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January 19, 2020
Forgive and forget? Forgive, write, and rewrite. Like James A. Michener said, ‘I’m not a very good writer, but I’m an excellent rewriter.  According to Democritus, truth lies at the bottom of a well, the water of which serves as a mirror in which objects may be reflected. I have heard, however, that some philosophers, in seeking for truth, to pay homage to her, have seen their own image and adored it instead. -Charles Francis Richter I saw Jean Leone Jerome’s painting, ‘Truth coming out of her well’, on my Face book newsfeed. The painting was inspired by a 19th century legend about the Lie convincing the Truth to take a bath in a well. They both undress and swim in. Soon, the Lie emerges, and putting on the Truth’s clothes, runs off. The Truth was livid as she came out of the well and searched for the Lie to get her clothes back. The legend has it that, ‘The world, seeing the Truth naked, turned its gaze away, with contempt and rage. The poor Truth returned to the well and disappeared forever, hiding therein, its shame. Since then, the Lie travels around the world, dressed as the Truth, satisfying the needs of society, because, the world, in any case, habours no wish at all, to meet the naked Truth. Jerome’s painting got me thinking about a personal experience. A while ago, I communicated a detailed business proposition to someone I know from my childhood. We reached a clear understanding on terms of agreement and I was confident enough about the deal to hire an extra hand. This was added cost for the project. However, I was foolish not to have had proper documentation of contract agreement before service execution. They say that childhood connections bring with them a sense of familiarity and security. Imagine taking a dip in the ocean having spotted a dolphin at a distance. Mid way in ocean, you discover it wasn’t a dolphin but a great barracuda. It rarely attacks humans but can cause lacerations and loss of tissues with a single bite. Within an incredibly short time, my investment in irrecoverable time and effort on the project became at risk of being an investment in irrecoverable time and effort without return. Weeks went by after project delivery and the constant regurgitation of the same excuses over non-payment made me realise that ‘childhood friend’ had scripted the entire episode as a fool’s errand. At which point, I put a call across to ‘childhood friend’ who then suggested that we had agreed to a $100 dollar contract and not ridiculous sum they said I had made claims to. My flight tickets alone during project execution cost more than $100, so it was such an asinine assertion. My natural reaction was an outburst of laughter. ‘Childhood friend’, now turned B.S artist in my estimation abruptly cut the call and what followed was a barrage of text messages. I clearly stated via text that we might need a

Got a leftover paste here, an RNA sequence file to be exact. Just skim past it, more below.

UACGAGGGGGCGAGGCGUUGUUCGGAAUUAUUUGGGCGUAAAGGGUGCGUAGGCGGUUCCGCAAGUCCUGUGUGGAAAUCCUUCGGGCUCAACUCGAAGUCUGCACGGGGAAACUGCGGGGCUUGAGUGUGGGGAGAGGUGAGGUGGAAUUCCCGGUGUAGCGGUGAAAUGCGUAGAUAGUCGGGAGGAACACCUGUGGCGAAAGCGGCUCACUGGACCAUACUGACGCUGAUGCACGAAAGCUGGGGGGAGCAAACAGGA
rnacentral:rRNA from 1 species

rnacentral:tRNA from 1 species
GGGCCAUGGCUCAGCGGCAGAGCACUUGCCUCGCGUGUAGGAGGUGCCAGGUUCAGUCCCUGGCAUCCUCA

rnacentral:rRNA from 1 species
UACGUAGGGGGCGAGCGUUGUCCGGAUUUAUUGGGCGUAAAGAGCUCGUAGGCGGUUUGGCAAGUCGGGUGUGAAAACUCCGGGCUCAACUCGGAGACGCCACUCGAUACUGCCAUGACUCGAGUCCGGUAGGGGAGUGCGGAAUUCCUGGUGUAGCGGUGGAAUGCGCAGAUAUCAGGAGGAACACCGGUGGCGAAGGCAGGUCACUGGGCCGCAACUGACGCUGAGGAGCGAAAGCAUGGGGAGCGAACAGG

Hope in the shadows of incarceration

September 22, 2019